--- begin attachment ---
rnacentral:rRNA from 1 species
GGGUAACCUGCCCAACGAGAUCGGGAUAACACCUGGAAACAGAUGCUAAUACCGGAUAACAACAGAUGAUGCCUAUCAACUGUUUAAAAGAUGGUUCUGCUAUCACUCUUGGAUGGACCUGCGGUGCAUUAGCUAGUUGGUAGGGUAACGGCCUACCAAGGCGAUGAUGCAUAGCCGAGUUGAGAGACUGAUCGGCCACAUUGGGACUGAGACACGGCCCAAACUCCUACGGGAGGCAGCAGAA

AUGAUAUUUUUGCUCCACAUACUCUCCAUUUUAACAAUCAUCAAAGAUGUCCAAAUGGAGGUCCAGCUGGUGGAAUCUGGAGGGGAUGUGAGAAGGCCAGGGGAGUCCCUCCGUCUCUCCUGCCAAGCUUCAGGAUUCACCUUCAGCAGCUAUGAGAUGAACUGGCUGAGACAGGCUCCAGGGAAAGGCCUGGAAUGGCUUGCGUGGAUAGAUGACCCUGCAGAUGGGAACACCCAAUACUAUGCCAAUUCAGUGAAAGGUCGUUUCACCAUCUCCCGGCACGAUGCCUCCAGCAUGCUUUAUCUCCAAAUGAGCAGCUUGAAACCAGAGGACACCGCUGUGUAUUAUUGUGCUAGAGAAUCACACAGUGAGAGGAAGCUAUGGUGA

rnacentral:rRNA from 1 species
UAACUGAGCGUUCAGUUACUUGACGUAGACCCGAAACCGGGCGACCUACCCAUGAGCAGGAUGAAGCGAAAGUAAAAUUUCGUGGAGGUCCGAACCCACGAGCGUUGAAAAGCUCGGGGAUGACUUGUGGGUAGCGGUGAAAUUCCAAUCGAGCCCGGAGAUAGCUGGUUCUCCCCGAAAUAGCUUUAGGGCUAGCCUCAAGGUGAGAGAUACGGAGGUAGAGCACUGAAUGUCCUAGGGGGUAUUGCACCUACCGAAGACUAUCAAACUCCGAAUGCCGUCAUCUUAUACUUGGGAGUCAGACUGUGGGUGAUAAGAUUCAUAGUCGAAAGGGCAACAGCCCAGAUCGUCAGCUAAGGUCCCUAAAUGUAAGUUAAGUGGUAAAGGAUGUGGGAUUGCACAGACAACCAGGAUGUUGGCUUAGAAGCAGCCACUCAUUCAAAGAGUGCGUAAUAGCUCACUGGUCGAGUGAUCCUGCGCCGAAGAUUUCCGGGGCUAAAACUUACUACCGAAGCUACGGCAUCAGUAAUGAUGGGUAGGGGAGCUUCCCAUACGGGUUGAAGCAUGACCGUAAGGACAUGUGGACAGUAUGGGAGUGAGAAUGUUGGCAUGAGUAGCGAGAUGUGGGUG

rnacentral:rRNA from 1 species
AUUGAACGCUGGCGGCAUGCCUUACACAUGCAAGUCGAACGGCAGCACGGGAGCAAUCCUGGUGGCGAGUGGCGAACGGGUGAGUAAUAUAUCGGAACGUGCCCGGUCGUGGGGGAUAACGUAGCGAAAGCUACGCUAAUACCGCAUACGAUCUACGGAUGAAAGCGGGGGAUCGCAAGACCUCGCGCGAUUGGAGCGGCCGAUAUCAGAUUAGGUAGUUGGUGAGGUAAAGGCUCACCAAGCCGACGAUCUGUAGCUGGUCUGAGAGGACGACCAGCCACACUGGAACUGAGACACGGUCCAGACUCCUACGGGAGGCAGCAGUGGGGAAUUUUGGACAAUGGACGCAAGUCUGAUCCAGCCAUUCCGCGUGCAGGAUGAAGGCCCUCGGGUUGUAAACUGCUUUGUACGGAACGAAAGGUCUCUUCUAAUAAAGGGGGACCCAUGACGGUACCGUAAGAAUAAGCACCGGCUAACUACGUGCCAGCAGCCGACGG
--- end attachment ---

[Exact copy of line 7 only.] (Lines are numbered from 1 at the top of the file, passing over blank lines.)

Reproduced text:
AUUGAACGCUGGCGGCAUGCCUUACACAUGCAAGUCGAACGGCAGCACGGGAGCAAUCCUGGUGGCGAGUGGCGAACGGGUGAGUAAUAUAUCGGAACGUGCCCGGUCGUGGGGGAUAACGUAGCGAAAGCUACGCUAAUACCGCAUACGAUCUACGGAUGAAAGCGGGGGAUCGCAAGACCUCGCGCGAUUGGAGCGGCCGAUAUCAGAUUAGGUAGUUGGUGAGGUAAAGGCUCACCAAGCCGACGAUCUGUAGCUGGUCUGAGAGGACGACCAGCCACACUGGAACUGAGACACGGUCCAGACUCCUACGGGAGGCAGCAGUGGGGAAUUUUGGACAAUGGACGCAAGUCUGAUCCAGCCAUUCCGCGUGCAGGAUGAAGGCCCUCGGGUUGUAAACUGCUUUGUACGGAACGAAAGGUCUCUUCUAAUAAAGGGGGACCCAUGACGGUACCGUAAGAAUAAGCACCGGCUAACUACGUGCCAGCAGCCGACGG